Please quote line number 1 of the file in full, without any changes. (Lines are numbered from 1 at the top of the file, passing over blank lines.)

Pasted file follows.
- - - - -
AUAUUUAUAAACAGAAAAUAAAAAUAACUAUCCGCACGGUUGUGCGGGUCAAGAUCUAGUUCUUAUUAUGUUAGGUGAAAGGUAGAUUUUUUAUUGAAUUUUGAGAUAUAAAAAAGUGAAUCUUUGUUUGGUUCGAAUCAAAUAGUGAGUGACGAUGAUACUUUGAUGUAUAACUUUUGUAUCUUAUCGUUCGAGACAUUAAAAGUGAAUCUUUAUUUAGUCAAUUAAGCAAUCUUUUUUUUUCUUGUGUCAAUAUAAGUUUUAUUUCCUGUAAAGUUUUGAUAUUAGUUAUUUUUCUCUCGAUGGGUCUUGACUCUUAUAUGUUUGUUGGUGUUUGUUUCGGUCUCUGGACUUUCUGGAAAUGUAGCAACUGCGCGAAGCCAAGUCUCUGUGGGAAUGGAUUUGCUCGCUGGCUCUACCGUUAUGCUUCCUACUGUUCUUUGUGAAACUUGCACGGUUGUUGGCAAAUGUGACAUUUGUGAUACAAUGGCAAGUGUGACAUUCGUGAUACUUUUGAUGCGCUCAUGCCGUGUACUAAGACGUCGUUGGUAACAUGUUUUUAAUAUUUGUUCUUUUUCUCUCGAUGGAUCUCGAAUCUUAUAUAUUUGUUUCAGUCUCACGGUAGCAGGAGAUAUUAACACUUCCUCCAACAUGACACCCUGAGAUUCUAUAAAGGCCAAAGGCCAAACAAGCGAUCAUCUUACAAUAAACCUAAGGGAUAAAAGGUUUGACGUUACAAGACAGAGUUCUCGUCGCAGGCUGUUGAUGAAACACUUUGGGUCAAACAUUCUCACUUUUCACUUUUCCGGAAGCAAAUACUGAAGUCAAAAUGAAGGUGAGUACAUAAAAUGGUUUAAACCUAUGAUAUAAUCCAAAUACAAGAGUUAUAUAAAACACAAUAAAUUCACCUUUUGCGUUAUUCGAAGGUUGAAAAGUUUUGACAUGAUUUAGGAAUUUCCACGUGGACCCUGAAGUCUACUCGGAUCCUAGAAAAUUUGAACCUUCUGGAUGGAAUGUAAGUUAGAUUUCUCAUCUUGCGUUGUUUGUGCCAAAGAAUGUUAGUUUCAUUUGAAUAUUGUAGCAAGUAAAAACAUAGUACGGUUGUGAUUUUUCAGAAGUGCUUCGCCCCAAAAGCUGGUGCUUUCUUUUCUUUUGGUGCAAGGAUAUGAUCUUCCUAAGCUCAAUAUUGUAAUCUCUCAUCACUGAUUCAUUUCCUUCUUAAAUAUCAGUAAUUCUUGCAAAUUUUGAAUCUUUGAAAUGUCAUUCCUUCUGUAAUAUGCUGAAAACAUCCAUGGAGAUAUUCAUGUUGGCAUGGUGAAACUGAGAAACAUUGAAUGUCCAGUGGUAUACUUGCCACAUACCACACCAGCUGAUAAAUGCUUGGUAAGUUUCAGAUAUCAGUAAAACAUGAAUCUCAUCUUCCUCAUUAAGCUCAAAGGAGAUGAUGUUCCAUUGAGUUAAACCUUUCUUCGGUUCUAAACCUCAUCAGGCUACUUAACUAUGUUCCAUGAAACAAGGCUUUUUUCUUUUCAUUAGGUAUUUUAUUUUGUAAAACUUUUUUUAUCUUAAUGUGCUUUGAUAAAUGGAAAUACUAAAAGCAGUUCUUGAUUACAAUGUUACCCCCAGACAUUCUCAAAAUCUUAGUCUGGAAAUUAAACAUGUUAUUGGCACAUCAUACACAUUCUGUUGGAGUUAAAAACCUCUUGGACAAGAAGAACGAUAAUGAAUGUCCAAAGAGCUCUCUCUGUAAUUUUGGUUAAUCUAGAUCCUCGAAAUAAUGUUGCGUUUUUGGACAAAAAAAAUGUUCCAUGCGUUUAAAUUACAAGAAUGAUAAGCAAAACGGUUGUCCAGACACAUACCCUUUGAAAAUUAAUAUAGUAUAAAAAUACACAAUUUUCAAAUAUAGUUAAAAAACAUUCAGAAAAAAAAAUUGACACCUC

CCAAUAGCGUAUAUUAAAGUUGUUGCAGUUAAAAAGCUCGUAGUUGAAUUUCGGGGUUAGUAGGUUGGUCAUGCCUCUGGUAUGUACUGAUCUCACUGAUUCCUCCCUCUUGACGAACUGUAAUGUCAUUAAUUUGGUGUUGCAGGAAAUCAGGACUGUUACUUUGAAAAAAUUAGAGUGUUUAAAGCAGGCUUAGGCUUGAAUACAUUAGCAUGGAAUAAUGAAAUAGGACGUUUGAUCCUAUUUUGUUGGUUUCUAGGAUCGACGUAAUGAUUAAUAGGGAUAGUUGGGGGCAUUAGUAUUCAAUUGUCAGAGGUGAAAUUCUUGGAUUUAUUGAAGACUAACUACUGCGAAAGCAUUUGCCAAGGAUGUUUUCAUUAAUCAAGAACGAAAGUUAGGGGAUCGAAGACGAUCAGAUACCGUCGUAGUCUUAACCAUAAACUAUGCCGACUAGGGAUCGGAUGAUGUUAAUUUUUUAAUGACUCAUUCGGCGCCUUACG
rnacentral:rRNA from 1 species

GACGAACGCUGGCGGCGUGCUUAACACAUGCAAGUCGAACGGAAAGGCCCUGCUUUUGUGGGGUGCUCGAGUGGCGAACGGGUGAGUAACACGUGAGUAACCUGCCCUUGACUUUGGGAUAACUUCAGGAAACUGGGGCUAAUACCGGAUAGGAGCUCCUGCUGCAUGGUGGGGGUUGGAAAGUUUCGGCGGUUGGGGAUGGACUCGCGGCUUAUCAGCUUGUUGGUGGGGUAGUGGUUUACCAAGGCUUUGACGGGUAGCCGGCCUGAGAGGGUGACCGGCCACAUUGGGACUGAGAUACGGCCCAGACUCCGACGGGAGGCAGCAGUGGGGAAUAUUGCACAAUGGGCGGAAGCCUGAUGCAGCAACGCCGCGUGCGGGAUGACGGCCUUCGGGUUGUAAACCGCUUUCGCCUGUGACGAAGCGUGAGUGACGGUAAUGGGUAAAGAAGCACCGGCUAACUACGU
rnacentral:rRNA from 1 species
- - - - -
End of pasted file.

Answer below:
AUAUUUAUAAACAGAAAAUAAAAAUAACUAUCCGCACGGUUGUGCGGGUCAAGAUCUAGUUCUUAUUAUGUUAGGUGAAAGGUAGAUUUUUUAUUGAAUUUUGAGAUAUAAAAAAGUGAAUCUUUGUUUGGUUCGAAUCAAAUAGUGAGUGACGAUGAUACUUUGAUGUAUAACUUUUGUAUCUUAUCGUUCGAGACAUUAAAAGUGAAUCUUUAUUUAGUCAAUUAAGCAAUCUUUUUUUUUCUUGUGUCAAUAUAAGUUUUAUUUCCUGUAAAGUUUUGAUAUUAGUUAUUUUUCUCUCGAUGGGUCUUGACUCUUAUAUGUUUGUUGGUGUUUGUUUCGGUCUCUGGACUUUCUGGAAAUGUAGCAACUGCGCGAAGCCAAGUCUCUGUGGGAAUGGAUUUGCUCGCUGGCUCUACCGUUAUGCUUCCUACUGUUCUUUGUGAAACUUGCACGGUUGUUGGCAAAUGUGACAUUUGUGAUACAAUGGCAAGUGUGACAUUCGUGAUACUUUUGAUGCGCUCAUGCCGUGUACUAAGACGUCGUUGGUAACAUGUUUUUAAUAUUUGUUCUUUUUCUCUCGAUGGAUCUCGAAUCUUAUAUAUUUGUUUCAGUCUCACGGUAGCAGGAGAUAUUAACACUUCCUCCAACAUGACACCCUGAGAUUCUAUAAAGGCCAAAGGCCAAACAAGCGAUCAUCUUACAAUAAACCUAAGGGAUAAAAGGUUUGACGUUACAAGACAGAGUUCUCGUCGCAGGCUGUUGAUGAAACACUUUGGGUCAAACAUUCUCACUUUUCACUUUUCCGGAAGCAAAUACUGAAGUCAAAAUGAAGGUGAGUACAUAAAAUGGUUUAAACCUAUGAUAUAAUCCAAAUACAAGAGUUAUAUAAAACACAAUAAAUUCACCUUUUGCGUUAUUCGAAGGUUGAAAAGUUUUGACAUGAUUUAGGAAUUUCCACGUGGACCCUGAAGUCUACUCGGAUCCUAGAAAAUUUGAACCUUCUGGAUGGAAUGUAAGUUAGAUUUCUCAUCUUGCGUUGUUUGUGCCAAAGAAUGUUAGUUUCAUUUGAAUAUUGUAGCAAGUAAAAACAUAGUACGGUUGUGAUUUUUCAGAAGUGCUUCGCCCCAAAAGCUGGUGCUUUCUUUUCUUUUGGUGCAAGGAUAUGAUCUUCCUAAGCUCAAUAUUGUAAUCUCUCAUCACUGAUUCAUUUCCUUCUUAAAUAUCAGUAAUUCUUGCAAAUUUUGAAUCUUUGAAAUGUCAUUCCUUCUGUAAUAUGCUGAAAACAUCCAUGGAGAUAUUCAUGUUGGCAUGGUGAAACUGAGAAACAUUGAAUGUCCAGUGGUAUACUUGCCACAUACCACACCAGCUGAUAAAUGCUUGGUAAGUUUCAGAUAUCAGUAAAACAUGAAUCUCAUCUUCCUCAUUAAGCUCAAAGGAGAUGAUGUUCCAUUGAGUUAAACCUUUCUUCGGUUCUAAACCUCAUCAGGCUACUUAACUAUGUUCCAUGAAACAAGGCUUUUUUCUUUUCAUUAGGUAUUUUAUUUUGUAAAACUUUUUUUAUCUUAAUGUGCUUUGAUAAAUGGAAAUACUAAAAGCAGUUCUUGAUUACAAUGUUACCCCCAGACAUUCUCAAAAUCUUAGUCUGGAAAUUAAACAUGUUAUUGGCACAUCAUACACAUUCUGUUGGAGUUAAAAACCUCUUGGACAAGAAGAACGAUAAUGAAUGUCCAAAGAGCUCUCUCUGUAAUUUUGGUUAAUCUAGAUCCUCGAAAUAAUGUUGCGUUUUUGGACAAAAAAAAUGUUCCAUGCGUUUAAAUUACAAGAAUGAUAAGCAAAACGGUUGUCCAGACACAUACCCUUUGAAAAUUAAUAUAGUAUAAAAAUACACAAUUUUCAAAUAUAGUUAAAAAACAUUCAGAAAAAAAAAUUGACACCUC